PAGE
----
Rosetta mission: Philae probe's power may revive as comet travels nearer to sun

The ESA will have to wait until the comet travels nearer the sun after the first attempt to recharge using sunlight appeared to have failed

The Philae comet lander may have gone into a long silence after depleting its batteries – but there remains a sliver of hope for the Rosetta probe scientists.

Scientists at the European Space Agency (ESA) hope that by manoeuvring the lander into the sun it may be able to partially recharge its batteries and communicate with the ground team once again.

However, after an initial attempt appeared to have failed as of 10am this morning, scientists hope that as the comet travels closer to the sun more sunlight may reach the lander, allowing them to resume contact.

Writing on the ESA’s blog, Stephen Ulamec, lander manager at the DLR German Aerospace Agency, said: “We still hope that at a later stage of the mission, perhaps when we are nearer to the Sun, that we might have enough solar illumination to wake up the lander and re-establish communication”.

ESA Rosetta Mission later tweeted: “S’ok Philae, I’ve got it from here for now. Rest well…”.

However, scientists were quick to expound the overall success of the mission lander after 57 hours - out of an anticipated 64 hours of battery - on Comet 67P/Churyumov-Gerasimenko.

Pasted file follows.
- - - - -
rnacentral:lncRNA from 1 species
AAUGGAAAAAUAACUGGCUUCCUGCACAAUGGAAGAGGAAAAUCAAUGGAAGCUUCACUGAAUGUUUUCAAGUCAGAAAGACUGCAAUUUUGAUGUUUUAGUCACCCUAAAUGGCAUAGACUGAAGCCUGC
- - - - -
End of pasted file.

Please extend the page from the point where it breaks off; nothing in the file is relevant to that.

“It has been a huge success, the whole team is delighted,” said Stephan, who monitored Philae’s progress from ESA’s Space Operations Centre in Darmstadt, Germany, this week.

“Despite the unplanned series of three touchdowns, all of our instruments could be operated and now it’s time to see what we’ve got.”

Philae landed on the comet, on Thursday after a 10-year journey on board the Rosetta probe, bouncing twice on arrival and jeopardising the entire mission.

The surface of comet 67P as photographed by the descending Philae lander.

Fortunately, the bounce appeared to do minimal damage and since successfully alighting the lander has returned all of its “housekeeping data”. It also returned science data from the targeted instruments and detailed photographs that scientists are currently studying.

Fred Jansen, ESA’s Rosetta mission manager, says, “At the end of this amazing rollercoaster week, we look back on a successful first-ever soft-landing on a comet.

“This was a truly historic moment for ESA and its partners.”